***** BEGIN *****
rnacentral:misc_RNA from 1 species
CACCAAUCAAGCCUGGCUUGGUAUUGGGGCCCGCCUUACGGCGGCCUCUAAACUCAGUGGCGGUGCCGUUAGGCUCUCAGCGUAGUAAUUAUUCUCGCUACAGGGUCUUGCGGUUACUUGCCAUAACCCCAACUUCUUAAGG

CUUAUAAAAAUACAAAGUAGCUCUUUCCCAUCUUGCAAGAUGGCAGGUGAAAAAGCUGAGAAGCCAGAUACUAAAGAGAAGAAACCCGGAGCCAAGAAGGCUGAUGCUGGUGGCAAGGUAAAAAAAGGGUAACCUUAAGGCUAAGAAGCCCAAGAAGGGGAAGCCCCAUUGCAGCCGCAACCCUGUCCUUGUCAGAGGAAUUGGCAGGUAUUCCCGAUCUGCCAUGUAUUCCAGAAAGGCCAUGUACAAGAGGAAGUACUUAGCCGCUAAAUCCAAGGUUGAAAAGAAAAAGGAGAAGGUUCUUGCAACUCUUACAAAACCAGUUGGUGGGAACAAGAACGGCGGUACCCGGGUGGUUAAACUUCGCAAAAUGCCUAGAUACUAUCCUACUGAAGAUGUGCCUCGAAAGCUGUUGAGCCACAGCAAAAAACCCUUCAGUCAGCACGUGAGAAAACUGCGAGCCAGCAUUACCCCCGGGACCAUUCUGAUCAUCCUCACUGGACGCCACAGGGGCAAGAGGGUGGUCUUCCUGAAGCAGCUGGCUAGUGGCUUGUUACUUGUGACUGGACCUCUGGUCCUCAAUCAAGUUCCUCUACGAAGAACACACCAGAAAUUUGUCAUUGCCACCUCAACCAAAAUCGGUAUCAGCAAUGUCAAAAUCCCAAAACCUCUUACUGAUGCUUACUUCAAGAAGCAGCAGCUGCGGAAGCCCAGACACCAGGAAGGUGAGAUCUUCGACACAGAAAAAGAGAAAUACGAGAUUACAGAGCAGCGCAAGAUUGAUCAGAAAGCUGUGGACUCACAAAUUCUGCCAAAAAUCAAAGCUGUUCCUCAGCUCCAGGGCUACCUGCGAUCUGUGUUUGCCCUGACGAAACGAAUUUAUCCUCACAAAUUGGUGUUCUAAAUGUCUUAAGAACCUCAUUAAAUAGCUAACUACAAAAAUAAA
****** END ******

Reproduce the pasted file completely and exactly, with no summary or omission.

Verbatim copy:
rnacentral:misc_RNA from 1 species
CACCAAUCAAGCCUGGCUUGGUAUUGGGGCCCGCCUUACGGCGGCCUCUAAACUCAGUGGCGGUGCCGUUAGGCUCUCAGCGUAGUAAUUAUUCUCGCUACAGGGUCUUGCGGUUACUUGCCAUAACCCCAACUUCUUAAGG

CUUAUAAAAAUACAAAGUAGCUCUUUCCCAUCUUGCAAGAUGGCAGGUGAAAAAGCUGAGAAGCCAGAUACUAAAGAGAAGAAACCCGGAGCCAAGAAGGCUGAUGCUGGUGGCAAGGUAAAAAAAGGGUAACCUUAAGGCUAAGAAGCCCAAGAAGGGGAAGCCCCAUUGCAGCCGCAACCCUGUCCUUGUCAGAGGAAUUGGCAGGUAUUCCCGAUCUGCCAUGUAUUCCAGAAAGGCCAUGUACAAGAGGAAGUACUUAGCCGCUAAAUCCAAGGUUGAAAAGAAAAAGGAGAAGGUUCUUGCAACUCUUACAAAACCAGUUGGUGGGAACAAGAACGGCGGUACCCGGGUGGUUAAACUUCGCAAAAUGCCUAGAUACUAUCCUACUGAAGAUGUGCCUCGAAAGCUGUUGAGCCACAGCAAAAAACCCUUCAGUCAGCACGUGAGAAAACUGCGAGCCAGCAUUACCCCCGGGACCAUUCUGAUCAUCCUCACUGGACGCCACAGGGGCAAGAGGGUGGUCUUCCUGAAGCAGCUGGCUAGUGGCUUGUUACUUGUGACUGGACCUCUGGUCCUCAAUCAAGUUCCUCUACGAAGAACACACCAGAAAUUUGUCAUUGCCACCUCAACCAAAAUCGGUAUCAGCAAUGUCAAAAUCCCAAAACCUCUUACUGAUGCUUACUUCAAGAAGCAGCAGCUGCGGAAGCCCAGACACCAGGAAGGUGAGAUCUUCGACACAGAAAAAGAGAAAUACGAGAUUACAGAGCAGCGCAAGAUUGAUCAGAAAGCUGUGGACUCACAAAUUCUGCCAAAAAUCAAAGCUGUUCCUCAGCUCCAGGGCUACCUGCGAUCUGUGUUUGCCCUGACGAAACGAAUUUAUCCUCACAAAUUGGUGUUCUAAAUGUCUUAAGAACCUCAUUAAAUAGCUAACUACAAAAAUAAA